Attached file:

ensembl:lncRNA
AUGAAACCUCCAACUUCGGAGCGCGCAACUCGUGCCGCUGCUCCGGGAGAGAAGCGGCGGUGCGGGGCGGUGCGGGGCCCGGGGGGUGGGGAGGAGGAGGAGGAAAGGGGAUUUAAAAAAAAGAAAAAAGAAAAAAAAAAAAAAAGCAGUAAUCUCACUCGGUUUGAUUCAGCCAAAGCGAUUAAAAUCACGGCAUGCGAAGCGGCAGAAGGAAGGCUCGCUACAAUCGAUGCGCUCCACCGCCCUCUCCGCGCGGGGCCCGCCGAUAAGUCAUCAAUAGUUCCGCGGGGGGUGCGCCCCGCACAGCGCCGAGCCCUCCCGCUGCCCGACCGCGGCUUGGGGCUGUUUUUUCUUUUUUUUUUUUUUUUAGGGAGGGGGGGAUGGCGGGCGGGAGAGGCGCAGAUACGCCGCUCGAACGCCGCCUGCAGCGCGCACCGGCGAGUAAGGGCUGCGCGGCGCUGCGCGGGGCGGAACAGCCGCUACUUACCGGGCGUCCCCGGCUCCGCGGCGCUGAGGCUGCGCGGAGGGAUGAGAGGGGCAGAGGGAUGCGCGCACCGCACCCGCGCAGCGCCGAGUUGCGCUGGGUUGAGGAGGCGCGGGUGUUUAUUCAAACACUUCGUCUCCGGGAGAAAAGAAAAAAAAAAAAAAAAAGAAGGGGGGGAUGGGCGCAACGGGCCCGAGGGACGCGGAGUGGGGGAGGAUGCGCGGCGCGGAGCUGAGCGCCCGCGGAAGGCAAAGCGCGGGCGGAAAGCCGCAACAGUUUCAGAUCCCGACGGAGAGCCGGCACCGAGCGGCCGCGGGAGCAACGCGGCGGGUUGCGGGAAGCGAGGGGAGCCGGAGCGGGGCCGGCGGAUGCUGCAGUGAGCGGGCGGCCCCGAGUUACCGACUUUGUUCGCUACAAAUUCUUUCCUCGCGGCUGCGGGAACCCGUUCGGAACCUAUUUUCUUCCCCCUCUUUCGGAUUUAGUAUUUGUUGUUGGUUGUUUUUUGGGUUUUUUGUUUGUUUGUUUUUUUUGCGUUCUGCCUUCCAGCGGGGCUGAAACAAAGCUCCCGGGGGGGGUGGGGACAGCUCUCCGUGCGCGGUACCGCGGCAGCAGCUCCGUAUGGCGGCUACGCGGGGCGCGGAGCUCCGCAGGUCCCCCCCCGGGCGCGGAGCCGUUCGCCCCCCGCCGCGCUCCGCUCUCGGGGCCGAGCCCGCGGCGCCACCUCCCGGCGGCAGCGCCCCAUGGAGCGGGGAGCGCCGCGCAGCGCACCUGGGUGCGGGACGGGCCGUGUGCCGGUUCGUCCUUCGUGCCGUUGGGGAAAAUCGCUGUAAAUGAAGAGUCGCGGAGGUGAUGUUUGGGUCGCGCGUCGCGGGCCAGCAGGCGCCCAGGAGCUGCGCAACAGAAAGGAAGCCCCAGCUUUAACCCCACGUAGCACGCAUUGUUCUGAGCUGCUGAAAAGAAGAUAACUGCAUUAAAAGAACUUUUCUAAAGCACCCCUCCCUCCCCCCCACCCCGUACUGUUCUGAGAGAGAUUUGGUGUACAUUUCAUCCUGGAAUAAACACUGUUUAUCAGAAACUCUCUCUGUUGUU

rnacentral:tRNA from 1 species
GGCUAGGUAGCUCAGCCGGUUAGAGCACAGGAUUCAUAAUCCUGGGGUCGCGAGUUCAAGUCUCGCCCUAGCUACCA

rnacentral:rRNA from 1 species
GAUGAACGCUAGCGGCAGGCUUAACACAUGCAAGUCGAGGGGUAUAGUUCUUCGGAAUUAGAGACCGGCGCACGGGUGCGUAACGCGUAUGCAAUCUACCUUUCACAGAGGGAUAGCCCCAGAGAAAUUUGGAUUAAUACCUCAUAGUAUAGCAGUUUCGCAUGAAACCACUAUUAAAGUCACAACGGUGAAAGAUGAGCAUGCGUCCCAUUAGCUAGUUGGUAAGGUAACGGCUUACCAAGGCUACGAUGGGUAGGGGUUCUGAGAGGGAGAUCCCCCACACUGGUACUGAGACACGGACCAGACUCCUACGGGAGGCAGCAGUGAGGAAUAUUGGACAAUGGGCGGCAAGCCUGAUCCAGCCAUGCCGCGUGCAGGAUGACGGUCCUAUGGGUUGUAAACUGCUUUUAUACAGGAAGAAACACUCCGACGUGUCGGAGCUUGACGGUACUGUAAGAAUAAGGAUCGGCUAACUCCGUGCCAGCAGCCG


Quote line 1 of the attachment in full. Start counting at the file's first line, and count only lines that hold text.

ensembl:lncRNA